Parents share experiences of 'poor and very little' sex education with primary school
PUBLISHED: 16:11 13 December 2019 | UPDATED: 16:29 13 December 2019
For many parents, broaching the subject of sex with their children can be difficult.
But for the staff at a mid-Norfolk primary school, they are tackling the issues head on by asking families to contribute to the future learning of their pupils.
Mattishall Primary School, near Dereham, recently held an informal Relationships and Sex Education (RSE) and Health Education information evening - inviting families to share their own experiences.
Headteacher Tony Chapman described the event as "really positive" and praised the turnout.
He said: "The subject matter can be a tricky topic of discussion for parents, but they all left the event feeling much more confident about engaging in conversation with their children."
Back in March this year, families were invited to contribute their thoughts as part of a school consultation on what they felt children should learn about staying healthy and safe in the modern world.
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The findings from this were revealed on the evening, before families and staff shared their own experiences of past Relationships and Sex Education learning.
Claire Findlay, assistant headteacher and subject lead, said: "Most people said it was very poor and very little was spoken about at home or in school. We shared some recent research statistics which found young people saying that sex education was too little too late.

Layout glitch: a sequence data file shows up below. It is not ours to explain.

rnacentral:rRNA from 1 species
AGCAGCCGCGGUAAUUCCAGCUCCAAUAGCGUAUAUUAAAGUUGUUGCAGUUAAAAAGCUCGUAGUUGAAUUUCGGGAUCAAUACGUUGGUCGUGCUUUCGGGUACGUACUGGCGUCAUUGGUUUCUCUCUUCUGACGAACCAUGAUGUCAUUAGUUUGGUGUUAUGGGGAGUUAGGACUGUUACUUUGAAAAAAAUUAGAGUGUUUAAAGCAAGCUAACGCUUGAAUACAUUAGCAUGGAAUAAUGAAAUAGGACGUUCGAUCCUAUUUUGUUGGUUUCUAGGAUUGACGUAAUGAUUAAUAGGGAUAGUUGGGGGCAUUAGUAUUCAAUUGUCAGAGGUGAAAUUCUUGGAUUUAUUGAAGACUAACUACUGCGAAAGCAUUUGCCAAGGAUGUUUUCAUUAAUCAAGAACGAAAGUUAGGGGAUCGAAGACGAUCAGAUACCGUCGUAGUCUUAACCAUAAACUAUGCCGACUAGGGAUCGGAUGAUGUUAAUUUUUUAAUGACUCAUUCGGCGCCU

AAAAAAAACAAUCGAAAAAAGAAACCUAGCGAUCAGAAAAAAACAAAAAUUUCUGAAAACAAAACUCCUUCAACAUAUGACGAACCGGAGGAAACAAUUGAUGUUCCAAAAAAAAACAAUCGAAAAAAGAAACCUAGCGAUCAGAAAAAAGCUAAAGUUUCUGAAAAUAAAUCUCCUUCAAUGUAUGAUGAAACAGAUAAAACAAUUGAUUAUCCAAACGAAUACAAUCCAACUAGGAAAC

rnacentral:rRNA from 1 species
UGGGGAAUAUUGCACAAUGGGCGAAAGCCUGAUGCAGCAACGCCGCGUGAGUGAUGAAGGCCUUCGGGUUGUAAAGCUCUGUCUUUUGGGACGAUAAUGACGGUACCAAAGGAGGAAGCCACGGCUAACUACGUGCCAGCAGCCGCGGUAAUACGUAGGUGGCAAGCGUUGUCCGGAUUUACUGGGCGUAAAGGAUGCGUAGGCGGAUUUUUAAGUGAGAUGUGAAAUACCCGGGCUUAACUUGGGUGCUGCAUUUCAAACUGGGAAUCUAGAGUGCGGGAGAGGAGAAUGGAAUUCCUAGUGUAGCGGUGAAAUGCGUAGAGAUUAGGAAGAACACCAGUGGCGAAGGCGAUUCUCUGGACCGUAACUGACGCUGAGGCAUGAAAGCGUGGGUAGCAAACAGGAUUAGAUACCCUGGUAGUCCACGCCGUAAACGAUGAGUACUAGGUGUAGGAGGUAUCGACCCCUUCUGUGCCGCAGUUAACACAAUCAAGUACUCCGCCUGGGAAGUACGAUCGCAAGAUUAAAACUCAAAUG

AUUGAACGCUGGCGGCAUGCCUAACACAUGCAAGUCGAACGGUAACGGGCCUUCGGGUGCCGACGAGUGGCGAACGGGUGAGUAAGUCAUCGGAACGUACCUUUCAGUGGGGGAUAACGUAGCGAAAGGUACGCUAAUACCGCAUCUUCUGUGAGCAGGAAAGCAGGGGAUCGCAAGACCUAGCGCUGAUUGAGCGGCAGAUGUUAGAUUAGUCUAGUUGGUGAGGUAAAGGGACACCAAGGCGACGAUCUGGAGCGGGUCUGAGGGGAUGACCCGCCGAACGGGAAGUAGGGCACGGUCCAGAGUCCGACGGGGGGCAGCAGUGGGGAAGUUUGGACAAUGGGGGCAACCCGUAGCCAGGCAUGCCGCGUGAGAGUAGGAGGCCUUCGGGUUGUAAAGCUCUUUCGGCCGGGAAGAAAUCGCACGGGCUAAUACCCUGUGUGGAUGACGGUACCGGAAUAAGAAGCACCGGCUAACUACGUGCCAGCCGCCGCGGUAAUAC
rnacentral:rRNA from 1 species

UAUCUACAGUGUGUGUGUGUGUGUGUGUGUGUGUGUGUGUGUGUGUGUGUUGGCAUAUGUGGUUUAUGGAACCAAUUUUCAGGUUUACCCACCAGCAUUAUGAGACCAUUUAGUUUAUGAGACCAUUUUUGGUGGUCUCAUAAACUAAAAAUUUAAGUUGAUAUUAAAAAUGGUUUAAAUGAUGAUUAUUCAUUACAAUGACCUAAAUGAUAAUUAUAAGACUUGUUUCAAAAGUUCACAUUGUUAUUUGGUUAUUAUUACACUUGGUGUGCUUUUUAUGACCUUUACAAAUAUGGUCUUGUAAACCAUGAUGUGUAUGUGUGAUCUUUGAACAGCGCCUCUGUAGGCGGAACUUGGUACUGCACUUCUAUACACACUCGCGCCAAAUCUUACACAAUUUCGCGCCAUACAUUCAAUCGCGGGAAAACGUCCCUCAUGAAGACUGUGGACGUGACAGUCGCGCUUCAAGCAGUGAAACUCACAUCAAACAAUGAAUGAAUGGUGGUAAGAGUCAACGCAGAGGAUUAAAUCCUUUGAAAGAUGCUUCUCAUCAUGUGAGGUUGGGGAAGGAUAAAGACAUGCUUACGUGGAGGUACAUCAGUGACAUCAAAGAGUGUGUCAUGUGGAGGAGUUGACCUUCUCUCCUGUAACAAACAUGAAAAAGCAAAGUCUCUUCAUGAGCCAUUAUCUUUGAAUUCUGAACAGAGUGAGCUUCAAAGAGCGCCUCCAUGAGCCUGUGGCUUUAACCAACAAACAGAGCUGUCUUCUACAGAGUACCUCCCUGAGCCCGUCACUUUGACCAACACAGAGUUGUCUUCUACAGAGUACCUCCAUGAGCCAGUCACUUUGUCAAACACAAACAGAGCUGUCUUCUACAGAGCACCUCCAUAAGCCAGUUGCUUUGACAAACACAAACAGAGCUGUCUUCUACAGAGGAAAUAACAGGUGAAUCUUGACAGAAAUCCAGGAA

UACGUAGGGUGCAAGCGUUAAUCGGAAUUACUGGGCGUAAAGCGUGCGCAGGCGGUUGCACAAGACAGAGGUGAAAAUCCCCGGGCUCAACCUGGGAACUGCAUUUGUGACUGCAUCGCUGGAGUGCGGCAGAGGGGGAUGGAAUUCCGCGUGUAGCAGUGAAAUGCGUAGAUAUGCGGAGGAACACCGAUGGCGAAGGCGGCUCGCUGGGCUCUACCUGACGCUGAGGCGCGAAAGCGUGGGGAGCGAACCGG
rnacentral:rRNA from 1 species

"Families then had the opportunity to have a look at some of the activities that we would be using to support the children's learning from each year group so they could see the progression.
"There was an excellent vibe in the room. It felt like we were all working together to achieve the same goal; keeping our children safe and healthy in today's modern world."
The group, made up of three governors, 19 staff and 41 parents, then considered what current risks and opportunities young people faced in the local community.
Ms Findlay added: "We talked about how this would relate to the curriculum provision that we provide as a school.
"Some risks mentioned were social media, mental health, county lines, road safety, peer pressure, and more. And some opportunities which were mentioned included schools, after school clubs, woodland, beach, city, town environments."
The Department for Education's RSE statutory requirements, which come into effect in 2020, were also shared via a presentation.